As shown in Figure 1, the key findings indicate no significant differences (95% CI) in the SROM with 2.01 (-1.07, 5.11) at 1 month post-intervention and at 6 months post-intervention with 3.01 (-0.69, 6.69). Findings showed no significant differences at 6 months in the constructs of PSD, 2.57 (0.67, 4.46), and SP, 1.04 (0.18, 1.89). The only significant difference noted was at 6 months within the construct of VI, with 1.35 (0.58, 2.13).



A sensitivity analysis was also conducted ignoring clustering, which showed similar results as shown in Table 3. Table 3 includes the estimated differences between the intervention and control groups, along with 95% CIs and p-values, adjusted for quintile, for the outcomes SROM, PSD, SP and VI. Sensitivity analysis, ignoring clustering, showed similar results at 1 month post-intervention with 2.01 (-1.09, 5.12) and 6 months post-intervention with 2.46 (-1.05, 5.98).



Generalisability of findings

It should be noted that the findings of this study reflect schools in the Western Cape, South Africa, from Quintiles 2, 3, 4 and 5. Findings should, therefore, be interpreted with caution when considering other provinces within South Africa.

Feasibility aspects

Several challenges were encountered during this study, despite the anticipation of some general challenges that often arise during school-based research. It could be argued that all researchers experience varying degrees of difficulty with conducting research, while the complexity of school research added to the level of difficulty that was experienced in this study. The common challenges were experienced, such as consent and participation, which affected the recruitment of participants.

The results indicate that the recruitment rate was high because schools were approached early in the year and could thus foresee making time available for the researchers, showing that school recruitment may be a feasible method of initial recruitment. While there is disparity in the numbers of control versus intervention groups, it should be noted that this was as a result of consent not being provided and absenteeism, all factors out of control of the researcher. Furthermore, this was taken into account when interpreting the findings of this study. Once the challenge of school recruitment was overcome, the researcher faced difficulty with recruiting individual participants. Based on the eligible participants from school recruitment, far fewer participants were recruited, as a result of poor consent. It was challenging because the researcher relied on schools, principals, teachers, parents and participants to provide permission, consent and assent required for recruitment, while the researcher only had access to principals and some of the teachers. Because of the strict design of RCTs, the study will only be successful should schools agree to participate and facilitate return of consent forms from parents. Once participants were recruited, the next challenge was to retain participants and prevent a large dropout of participants to ensure power analysis of this study. It was reported by schools that clearer communication is required. It is, therefore, vital that, in future, schools and teachers are made explicitly aware of the time commitments required of them so that they may make an informed decision as to whether they are able to participate in a future study and not experience the burden of participating in a study.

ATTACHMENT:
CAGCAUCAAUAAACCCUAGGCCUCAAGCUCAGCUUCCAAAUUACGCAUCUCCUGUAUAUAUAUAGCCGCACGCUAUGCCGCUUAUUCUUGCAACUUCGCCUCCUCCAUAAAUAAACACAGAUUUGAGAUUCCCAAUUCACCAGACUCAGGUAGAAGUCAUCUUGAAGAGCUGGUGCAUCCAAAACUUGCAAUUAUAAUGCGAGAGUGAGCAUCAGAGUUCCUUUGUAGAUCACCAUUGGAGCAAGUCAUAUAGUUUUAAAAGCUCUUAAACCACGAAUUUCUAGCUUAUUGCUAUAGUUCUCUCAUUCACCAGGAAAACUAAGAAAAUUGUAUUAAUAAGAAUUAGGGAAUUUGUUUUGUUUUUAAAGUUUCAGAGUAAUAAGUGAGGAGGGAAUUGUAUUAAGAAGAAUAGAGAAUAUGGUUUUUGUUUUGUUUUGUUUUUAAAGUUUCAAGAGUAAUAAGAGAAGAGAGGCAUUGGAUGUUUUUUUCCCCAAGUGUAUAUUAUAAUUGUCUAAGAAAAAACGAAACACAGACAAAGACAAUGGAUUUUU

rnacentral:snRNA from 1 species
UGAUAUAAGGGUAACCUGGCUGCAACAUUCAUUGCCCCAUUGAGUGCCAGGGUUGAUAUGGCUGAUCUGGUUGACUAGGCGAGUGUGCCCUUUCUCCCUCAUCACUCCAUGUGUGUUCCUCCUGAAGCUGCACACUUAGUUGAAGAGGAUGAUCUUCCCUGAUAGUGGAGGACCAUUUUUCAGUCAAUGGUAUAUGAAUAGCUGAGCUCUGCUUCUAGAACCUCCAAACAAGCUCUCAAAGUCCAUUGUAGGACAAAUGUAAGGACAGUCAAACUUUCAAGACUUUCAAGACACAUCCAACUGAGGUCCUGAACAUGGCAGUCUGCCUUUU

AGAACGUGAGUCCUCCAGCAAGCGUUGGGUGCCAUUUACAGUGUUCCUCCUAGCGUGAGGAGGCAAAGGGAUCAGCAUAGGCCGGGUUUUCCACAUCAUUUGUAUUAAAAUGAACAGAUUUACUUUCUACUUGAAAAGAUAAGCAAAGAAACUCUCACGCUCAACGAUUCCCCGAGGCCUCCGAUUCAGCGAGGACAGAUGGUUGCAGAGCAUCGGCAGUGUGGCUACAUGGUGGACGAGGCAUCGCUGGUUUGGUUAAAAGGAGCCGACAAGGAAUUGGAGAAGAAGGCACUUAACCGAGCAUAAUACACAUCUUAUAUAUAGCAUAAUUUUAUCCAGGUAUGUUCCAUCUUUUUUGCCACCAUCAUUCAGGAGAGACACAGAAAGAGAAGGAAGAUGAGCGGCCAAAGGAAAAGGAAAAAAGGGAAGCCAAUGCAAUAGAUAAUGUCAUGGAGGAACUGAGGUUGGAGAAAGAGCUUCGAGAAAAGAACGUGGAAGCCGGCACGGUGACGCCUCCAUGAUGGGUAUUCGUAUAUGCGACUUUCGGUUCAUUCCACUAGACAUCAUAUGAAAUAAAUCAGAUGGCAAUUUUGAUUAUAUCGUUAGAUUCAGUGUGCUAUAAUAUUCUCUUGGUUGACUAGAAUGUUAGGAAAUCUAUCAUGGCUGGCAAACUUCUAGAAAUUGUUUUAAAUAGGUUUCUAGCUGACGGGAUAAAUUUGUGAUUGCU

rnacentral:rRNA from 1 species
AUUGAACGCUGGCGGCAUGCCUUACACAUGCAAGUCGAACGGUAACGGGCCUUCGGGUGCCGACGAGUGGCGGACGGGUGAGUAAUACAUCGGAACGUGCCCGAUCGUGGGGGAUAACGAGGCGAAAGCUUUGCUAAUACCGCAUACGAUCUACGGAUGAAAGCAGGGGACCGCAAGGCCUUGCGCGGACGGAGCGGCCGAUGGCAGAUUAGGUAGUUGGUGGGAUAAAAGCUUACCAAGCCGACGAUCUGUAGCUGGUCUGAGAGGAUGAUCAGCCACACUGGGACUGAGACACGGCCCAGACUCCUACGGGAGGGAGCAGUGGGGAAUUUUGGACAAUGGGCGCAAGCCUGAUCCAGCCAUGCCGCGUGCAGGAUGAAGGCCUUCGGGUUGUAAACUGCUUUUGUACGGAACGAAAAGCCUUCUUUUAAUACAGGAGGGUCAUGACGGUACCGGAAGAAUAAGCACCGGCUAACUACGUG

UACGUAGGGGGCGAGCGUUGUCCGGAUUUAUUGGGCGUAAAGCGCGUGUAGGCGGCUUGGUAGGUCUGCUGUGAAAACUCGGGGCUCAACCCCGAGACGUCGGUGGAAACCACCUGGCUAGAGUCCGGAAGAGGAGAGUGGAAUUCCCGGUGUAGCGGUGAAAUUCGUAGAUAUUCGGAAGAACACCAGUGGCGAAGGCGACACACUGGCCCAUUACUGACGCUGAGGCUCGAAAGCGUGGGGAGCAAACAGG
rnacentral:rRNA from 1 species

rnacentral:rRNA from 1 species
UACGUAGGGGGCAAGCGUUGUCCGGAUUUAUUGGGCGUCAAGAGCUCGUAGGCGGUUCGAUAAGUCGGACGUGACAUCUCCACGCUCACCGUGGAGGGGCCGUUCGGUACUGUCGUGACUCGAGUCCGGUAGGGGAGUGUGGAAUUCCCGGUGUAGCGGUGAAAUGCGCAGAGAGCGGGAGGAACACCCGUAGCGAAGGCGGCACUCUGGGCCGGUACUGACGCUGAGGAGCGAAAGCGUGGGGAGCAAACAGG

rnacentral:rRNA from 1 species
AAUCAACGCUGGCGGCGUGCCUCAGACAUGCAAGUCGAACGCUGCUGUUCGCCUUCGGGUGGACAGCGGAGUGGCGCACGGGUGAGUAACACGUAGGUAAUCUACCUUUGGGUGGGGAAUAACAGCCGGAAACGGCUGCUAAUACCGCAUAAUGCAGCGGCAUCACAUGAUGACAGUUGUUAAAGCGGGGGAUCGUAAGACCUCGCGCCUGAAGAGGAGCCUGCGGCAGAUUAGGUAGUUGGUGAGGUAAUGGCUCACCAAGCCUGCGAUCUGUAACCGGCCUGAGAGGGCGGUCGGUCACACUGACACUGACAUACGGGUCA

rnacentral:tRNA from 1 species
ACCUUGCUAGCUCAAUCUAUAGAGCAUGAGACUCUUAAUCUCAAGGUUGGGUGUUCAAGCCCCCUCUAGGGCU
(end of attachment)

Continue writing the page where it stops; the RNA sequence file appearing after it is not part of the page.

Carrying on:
Upon discovering that data were to be collected at three separate intervals (baseline, 1 month and 6 months) in addition to another visit to the school where the teacher administered the CCR, schools expressed anecdotally great concern around the time commitments required of them. As a result, a dropout of participants was noted over time as well as difficulty arranging for data collection dates. This is commonly reported in longitudinal studies (Galea & Tracy, 2007). Schools became increasingly hesitant to commit to an additional suitable time for data collection at 6 months post-intervention when compared to 1 month post-intervention. Schools felt that they had already provided this study with a substantial amount of time and no longer perceived their participation to be beneficial, which is a common determinant of a dropout rate (Galea & Tracy, 2007; Lundberg, Thakker, Hällström, & Forsell, 2005). Schools requested that, in future, data be collected over fewer time periods (i.e. perhaps only at 6 months) with fewer visits to the school. The researcher should also be understanding of the schools, their processes and preferred methods for participating and that all schools are different. Researchers should also display an awareness of the sacrifices that schools make to be able to participate in research studies. Because of the time constraints, schools asked that the research take place at the end of the school term. However, it meant that many participants were absent from school at the end of the term after completing their academic testing. This is reported by teachers in this study to be a common occurrence, as no new work was being taught at school.